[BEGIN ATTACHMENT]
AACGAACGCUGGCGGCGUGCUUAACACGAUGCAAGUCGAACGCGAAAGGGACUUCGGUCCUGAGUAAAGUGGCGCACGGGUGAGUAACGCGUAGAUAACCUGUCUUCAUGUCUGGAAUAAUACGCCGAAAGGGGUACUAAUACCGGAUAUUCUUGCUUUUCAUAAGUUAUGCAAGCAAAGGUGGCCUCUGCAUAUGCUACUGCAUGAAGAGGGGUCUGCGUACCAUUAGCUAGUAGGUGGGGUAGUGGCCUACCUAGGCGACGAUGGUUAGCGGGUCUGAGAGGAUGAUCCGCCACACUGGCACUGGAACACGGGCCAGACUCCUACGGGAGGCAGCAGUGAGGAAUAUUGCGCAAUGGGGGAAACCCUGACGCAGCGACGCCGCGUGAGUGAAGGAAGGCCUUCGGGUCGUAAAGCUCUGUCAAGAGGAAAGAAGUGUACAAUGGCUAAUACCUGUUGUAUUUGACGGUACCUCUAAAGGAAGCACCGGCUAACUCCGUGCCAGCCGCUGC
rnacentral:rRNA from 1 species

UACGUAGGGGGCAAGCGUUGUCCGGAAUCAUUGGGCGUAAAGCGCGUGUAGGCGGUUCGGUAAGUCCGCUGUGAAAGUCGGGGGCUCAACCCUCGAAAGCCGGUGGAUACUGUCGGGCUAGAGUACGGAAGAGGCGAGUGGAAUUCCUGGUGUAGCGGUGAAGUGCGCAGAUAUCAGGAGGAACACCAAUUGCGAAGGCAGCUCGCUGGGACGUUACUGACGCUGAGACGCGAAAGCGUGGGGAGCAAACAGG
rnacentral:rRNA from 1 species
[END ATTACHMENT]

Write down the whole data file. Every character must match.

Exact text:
AACGAACGCUGGCGGCGUGCUUAACACGAUGCAAGUCGAACGCGAAAGGGACUUCGGUCCUGAGUAAAGUGGCGCACGGGUGAGUAACGCGUAGAUAACCUGUCUUCAUGUCUGGAAUAAUACGCCGAAAGGGGUACUAAUACCGGAUAUUCUUGCUUUUCAUAAGUUAUGCAAGCAAAGGUGGCCUCUGCAUAUGCUACUGCAUGAAGAGGGGUCUGCGUACCAUUAGCUAGUAGGUGGGGUAGUGGCCUACCUAGGCGACGAUGGUUAGCGGGUCUGAGAGGAUGAUCCGCCACACUGGCACUGGAACACGGGCCAGACUCCUACGGGAGGCAGCAGUGAGGAAUAUUGCGCAAUGGGGGAAACCCUGACGCAGCGACGCCGCGUGAGUGAAGGAAGGCCUUCGGGUCGUAAAGCUCUGUCAAGAGGAAAGAAGUGUACAAUGGCUAAUACCUGUUGUAUUUGACGGUACCUCUAAAGGAAGCACCGGCUAACUCCGUGCCAGCCGCUGC
rnacentral:rRNA from 1 species

UACGUAGGGGGCAAGCGUUGUCCGGAAUCAUUGGGCGUAAAGCGCGUGUAGGCGGUUCGGUAAGUCCGCUGUGAAAGUCGGGGGCUCAACCCUCGAAAGCCGGUGGAUACUGUCGGGCUAGAGUACGGAAGAGGCGAGUGGAAUUCCUGGUGUAGCGGUGAAGUGCGCAGAUAUCAGGAGGAACACCAAUUGCGAAGGCAGCUCGCUGGGACGUUACUGACGCUGAGACGCGAAAGCGUGGGGAGCAAACAGG
rnacentral:rRNA from 1 species